Rescission is an Equitable Remedy that Must be Fair to All Effected
Rescission is an equitable remedy. It does not allow for payment of damages. It requires that a court act fairly to all involved.
In Citizens Insurance Company Of America v. Pioneer State Mutual Insurance Company, and Allstate Insurance Company, No. 346360, State Of Michigan Court Of Appeals (December 19, 2019) a reimbursement action for no-fault benefits by an assigned claims insurer, plaintiff Citizens Insurance Company of America, on appeal sued Pioneer Mutual Insurance Company and obtained a favorable judgment. Pioneer challenged the trial court’s decision to deny its motion for summary disposition and grant defendant Allstate Insurance Company’s motion for summary disposition.
In November 2015, Brittany Baumgart was injured in a pedestrian-motor vehicle accident while she was crossing a road. She was taken to McLaren Macomb Hospital for treatment. At the time of the accident, Brittany was living with her father, Jeffry Baumgart, who was insured under a no-fault policy issued by Pioneer. The motor vehicle involved in the accident was insured by Allstate. The two insurers disputed coverage.
Pioneer is in the highest order of priority because it insured Brittany’s resident relative, Jeffry, at the time of the accident. However, Pioneer rescinded Jeffry’s policy on the basis of alleged material misrepresentations made in his insurance application. Specifically, in his October 2013 application Jeffry effectively represented that he was the only resident in his household. Jeffry explained at deposition that he did not identify Brittany as a household resident because at the time of the application she was incarcerated. He explained that even though Brittany had a room in his house and received mail there, she stayed there only sporadically between her frequent incarcerations. Testifying in 2017, Jeffry estimated that Brittany had been incarcerated for at least 8 out of the past 10 years.
Jeffry cashed the premium refund check sent by Pioneer after its rescission.
INNOCENT THIRD PARTY RULE
Before the trial court issued its decision, the Michigan Supreme Court decided Bazzi v Sentinel Ins Co, 502 Mich 390, 396; 919 NW2d 20 (2018), which held that the “innocent-third-party rule,” precluded an insurer from rescinding an insurance policy procured by fraud when there was a claim involving an innocent third party. However, the Court clarified that rescission was an equitable remedy, and that insurers did not have an “automatic” right to rescind an insurance policy with respect to third parties.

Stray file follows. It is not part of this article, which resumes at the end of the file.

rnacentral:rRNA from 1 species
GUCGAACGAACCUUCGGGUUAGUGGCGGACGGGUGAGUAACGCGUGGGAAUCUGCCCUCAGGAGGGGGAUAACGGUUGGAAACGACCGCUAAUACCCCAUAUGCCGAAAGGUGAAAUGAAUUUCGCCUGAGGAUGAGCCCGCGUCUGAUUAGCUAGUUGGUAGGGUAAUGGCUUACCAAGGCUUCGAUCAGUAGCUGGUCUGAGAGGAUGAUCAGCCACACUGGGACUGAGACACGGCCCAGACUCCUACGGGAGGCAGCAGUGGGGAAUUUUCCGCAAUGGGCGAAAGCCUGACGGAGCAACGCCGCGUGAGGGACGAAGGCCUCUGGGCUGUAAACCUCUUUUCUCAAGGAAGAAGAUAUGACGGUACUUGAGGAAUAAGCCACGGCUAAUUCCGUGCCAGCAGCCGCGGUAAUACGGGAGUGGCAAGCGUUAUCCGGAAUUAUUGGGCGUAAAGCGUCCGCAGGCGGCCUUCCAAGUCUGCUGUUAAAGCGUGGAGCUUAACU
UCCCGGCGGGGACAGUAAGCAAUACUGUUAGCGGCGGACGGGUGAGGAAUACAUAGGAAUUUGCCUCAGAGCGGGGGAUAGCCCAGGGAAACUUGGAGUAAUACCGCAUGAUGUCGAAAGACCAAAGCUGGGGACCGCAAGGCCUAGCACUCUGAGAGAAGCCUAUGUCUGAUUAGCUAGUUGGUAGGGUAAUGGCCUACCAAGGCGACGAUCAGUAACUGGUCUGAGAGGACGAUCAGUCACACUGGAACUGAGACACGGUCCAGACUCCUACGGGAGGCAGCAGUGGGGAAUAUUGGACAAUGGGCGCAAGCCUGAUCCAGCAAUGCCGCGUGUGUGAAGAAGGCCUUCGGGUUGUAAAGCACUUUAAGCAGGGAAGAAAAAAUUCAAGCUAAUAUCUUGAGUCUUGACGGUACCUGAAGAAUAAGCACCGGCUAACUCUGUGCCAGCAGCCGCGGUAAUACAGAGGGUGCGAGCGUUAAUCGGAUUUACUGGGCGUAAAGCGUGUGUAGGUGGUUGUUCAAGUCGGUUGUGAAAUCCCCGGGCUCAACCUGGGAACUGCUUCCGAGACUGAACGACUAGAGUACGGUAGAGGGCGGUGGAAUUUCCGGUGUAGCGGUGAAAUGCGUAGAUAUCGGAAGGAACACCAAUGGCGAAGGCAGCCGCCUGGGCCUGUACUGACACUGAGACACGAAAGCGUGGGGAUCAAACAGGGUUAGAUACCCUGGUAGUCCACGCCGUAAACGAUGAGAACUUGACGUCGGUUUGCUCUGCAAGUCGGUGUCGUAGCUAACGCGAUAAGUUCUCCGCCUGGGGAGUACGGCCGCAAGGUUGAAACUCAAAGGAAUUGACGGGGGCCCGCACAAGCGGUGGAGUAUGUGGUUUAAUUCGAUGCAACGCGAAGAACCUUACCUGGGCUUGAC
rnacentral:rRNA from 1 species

The trial court issued an opinion and order granting Allstate summary disposition. The court first determined that Jeffry did not make a false statement in his insurance application. The court noted Pioneer’s position that Brittany was domiciled with Jeffry even when she was incarcerated, but it was properly unpersuaded that “domicile” is the same as “household resident” or “living with” especially as it relates to a layperson filling out an application for insurance. Finding no intent to deceive the trial court determined that equity did not favor rescission with respect to Brittany.
The thrust of Pioneer’s argument is that Allstate should not be able to contest Pioneer’s decision to rescind the policy because Jeffry, the insured, has not done so. However, even when an insurance policy is declared void ab initio, the trial court must determine whether rescission is equitable as to third parties claiming benefits under the policy.
In Bazzi, the insurer successfully argued that the policy was procured by fraud and obtained a default judgment rescinding the policy. On appeal, the sole issue was the viability of the innocent third-party rule. The Supreme held that the doctrine had been abrogated but clarified that the equitable remedy of rescission does not function by automatic operation of the law. Thus, even though the policy between the insurer and the insured was void ab initio due to the fraudulent manner in which it was acquired, the trial court still needed to determine whether, in its discretion, rescission of the insurance policy is available as between the insurer and the claimant.